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Flaky Connections — Why Now?
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Flaky Connections

My Internet has been iffy all day. The official non-explanation mentions “not being able to browse” when in fact it is a DNS failure. I can “browse” the contents of my own system to my heart’s content, but their bloody domain name server can’t find their own site with a searchlight and service dog.

While I’m on it. When you want a support site, it doesn’t mean a sales support site, it means information for what you have already sold someone.

That satellite antenna is looking more and more reasonable.


1 Steve Bates { 07.20.10 at 8:59 am }

DNS fails repeatedly here, every time the power glitches… and in Houston, that’s pretty often. DNS continues to work, sort of, if I don’t mind waiting 2 minutes for it to look up google.com .

Yes, I know; I need a new UPS to avoid the glitches, but getting to Micro Center isn’t exactly easy for me these days.

If I call AT&T, they follow their script, first telling me to pull all the connections to the modem and remove the router from the system… AAUUGGHH! What part of “it was working 30 seconds ago” do they not understand?

I fear the U.S. is going to pay, in the international market, for its failure to promote stable, reliable, affordable internet connections. I am paying the top monthly rate for a connection that is theoretically the fastest an individual household can have… but it’s only that speed when it’s up and running. Often enough, it isn’t.

2 Bryan { 07.20.10 at 1:05 pm }

Don’t rush on the UPS. There’s nothing wrong with mine, and I have everything plugged into an isolated circuit that has nothing to do with anything else in the house. The UPS clicks away all day during the summer, because of air conditioning in the area pulling huge loads,

The problem was their equipment, not mine, and it appears to be caused by a lack of filtering on their end. I don’t think they are spending the money on isolation transformers at their switching locations, something that Ma Bell did as part of their standard design, and they are paying the price for the crummy electrical service in this country. Watching the voltage swings common in this area is a clear demonstration of the level of cost cutting that has gone on to increase profits. Routine maintenance is not being done, and replacement equipment is not as good as what it is replacing.

You can get a T! for $50/month in large cities in Mexico, but standard DSL ends up costing $100/month in the US. It’s all about milking the maximum profit out of the system, not about serving the needs and desires of customers.

3 Badtux { 07.20.10 at 3:28 pm }

The United States has a third-world Internet infrastructure. Just sayin’. Other nations have fiber to the household and 100Mbit/sec Internet access, we’re still on freakin’ tin cans and strings here in the USA, because nobody wants to invest the money to upgrade when they have a monopoly and thus people don’t have any choice but to use their monopoly service. And they do everything possible to make sure it *remains* a monopoly service by getting laws passed outlawing competition — specifically, competition from government-created Internet entities such as the City of New Orleans’ city-wide wireless network, or outlawing the City of Wilson’s city-owned FIOS network.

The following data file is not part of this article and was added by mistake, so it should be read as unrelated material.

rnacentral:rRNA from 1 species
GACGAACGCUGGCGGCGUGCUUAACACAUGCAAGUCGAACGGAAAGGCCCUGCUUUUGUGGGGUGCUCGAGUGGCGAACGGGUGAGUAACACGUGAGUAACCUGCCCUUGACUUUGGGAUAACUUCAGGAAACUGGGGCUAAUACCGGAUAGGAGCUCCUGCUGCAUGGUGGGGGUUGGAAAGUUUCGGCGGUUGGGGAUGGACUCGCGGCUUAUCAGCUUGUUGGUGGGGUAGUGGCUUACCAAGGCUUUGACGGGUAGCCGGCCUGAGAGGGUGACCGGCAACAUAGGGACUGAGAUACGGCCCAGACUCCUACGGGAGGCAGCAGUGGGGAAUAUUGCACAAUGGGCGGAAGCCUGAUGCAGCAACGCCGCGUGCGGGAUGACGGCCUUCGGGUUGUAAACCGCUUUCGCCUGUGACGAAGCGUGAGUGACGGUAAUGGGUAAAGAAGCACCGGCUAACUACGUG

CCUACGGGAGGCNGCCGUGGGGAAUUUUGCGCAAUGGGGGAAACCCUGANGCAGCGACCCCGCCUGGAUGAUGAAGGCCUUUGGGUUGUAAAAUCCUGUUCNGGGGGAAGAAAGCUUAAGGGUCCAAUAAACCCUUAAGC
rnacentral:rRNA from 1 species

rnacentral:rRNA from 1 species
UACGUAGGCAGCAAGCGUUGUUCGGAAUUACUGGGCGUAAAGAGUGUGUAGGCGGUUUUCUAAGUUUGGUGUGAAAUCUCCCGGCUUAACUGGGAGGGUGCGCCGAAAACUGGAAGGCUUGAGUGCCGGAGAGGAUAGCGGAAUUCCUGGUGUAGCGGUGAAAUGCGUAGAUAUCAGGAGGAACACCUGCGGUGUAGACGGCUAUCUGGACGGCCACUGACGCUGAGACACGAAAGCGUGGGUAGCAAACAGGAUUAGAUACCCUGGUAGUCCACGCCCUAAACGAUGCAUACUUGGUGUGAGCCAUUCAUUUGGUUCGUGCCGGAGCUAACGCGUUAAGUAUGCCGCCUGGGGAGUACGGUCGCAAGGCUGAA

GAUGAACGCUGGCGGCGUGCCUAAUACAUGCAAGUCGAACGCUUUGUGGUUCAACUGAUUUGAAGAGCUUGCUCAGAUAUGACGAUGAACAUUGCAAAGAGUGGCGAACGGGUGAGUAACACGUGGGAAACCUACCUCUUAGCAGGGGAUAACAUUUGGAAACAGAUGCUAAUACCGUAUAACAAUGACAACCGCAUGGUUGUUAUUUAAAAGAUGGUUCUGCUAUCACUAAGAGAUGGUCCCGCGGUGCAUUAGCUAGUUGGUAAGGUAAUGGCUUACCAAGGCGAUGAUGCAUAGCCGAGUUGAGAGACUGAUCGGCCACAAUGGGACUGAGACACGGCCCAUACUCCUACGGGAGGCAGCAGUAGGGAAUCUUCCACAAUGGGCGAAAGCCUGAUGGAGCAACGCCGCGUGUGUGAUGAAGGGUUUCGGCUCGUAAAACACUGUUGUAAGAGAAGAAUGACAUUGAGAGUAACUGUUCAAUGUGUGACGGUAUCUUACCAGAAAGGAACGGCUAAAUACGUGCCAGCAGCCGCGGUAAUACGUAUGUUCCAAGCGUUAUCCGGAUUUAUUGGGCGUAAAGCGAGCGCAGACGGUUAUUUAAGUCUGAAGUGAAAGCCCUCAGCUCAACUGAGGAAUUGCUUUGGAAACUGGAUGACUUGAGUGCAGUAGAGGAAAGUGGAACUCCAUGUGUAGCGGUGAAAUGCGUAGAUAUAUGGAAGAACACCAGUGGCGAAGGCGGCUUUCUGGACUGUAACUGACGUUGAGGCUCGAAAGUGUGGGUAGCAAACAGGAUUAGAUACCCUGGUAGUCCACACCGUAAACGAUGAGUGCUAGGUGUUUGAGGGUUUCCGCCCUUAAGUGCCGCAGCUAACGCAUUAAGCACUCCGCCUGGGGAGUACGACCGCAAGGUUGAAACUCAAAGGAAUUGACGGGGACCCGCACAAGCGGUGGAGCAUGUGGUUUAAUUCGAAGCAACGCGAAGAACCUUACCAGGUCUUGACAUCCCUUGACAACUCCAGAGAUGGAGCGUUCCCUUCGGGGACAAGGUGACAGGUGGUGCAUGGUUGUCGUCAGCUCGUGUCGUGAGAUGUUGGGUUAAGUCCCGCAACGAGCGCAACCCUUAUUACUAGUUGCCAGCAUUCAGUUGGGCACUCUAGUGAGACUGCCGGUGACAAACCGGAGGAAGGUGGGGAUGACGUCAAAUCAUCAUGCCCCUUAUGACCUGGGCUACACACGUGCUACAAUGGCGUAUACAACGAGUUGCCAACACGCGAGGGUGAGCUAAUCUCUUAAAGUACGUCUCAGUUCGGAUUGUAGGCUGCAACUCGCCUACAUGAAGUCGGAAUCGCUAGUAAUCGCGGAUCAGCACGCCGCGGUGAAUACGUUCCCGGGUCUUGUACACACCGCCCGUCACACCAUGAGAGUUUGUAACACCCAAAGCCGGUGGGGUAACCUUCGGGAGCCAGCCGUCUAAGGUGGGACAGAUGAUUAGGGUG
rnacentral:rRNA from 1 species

Corporate control of America is a direct trip to the 3rd world, yet the majority of the sheeple still believe government, not corporations, are the problem. Despite the fact that they’re getting raped and reamed by corporations at every turn, whether it’s rapacious payday loan vendors, banksters nickle and diming them to death with fees, agricultural conglomerates feeding them poison food, whatever, in their delusional brains corporations are the solution, not the problem, despite every bit of evidence to the contrary. It is to laugh… or would be, anyhow, if not for the fact that we have to live here in this swiftly declining and falling-apart nation…

– Badtux the Unincorporated Penguin

4 Bryan { 07.20.10 at 9:12 pm }

When I first moved down here the local cable company was Time-Warner. After a few years they decided to switched to fiber and offer telephone and Internet in addition to cable service, but they had only finished the main line installation when there was deal that changed the cable system to Cox. Apparently they swapped some service areas.

One of the first things Cox did was to pull out all of the fiber.

I have fiber bundles not 75 feet from my front door, but there is no way to access them. Sprint installed them, but they only sell and/or lease lines to the military. I spent 18 months trying to get fiber for a project and Sprint wouldn’t even talk about it, much less give me a price. As a true-blue capitalist I get really suspicious when people refuse to sell me things that I know they are selling to others.

The state of Florida has had fiber installed on the rights of way of the Interstates, but no one sells access to it. If you’re a large corporation you can attach to it, but no one else, even though it was put down by the state.

This reliance on “private industry” is really a farce. Every time they deregulate something in this country, we end up with near monopolies, higher prices, and no competition.

We are all supposed to clap our hands and believe so the free-market fairy can work her magic, just like Reagan promised.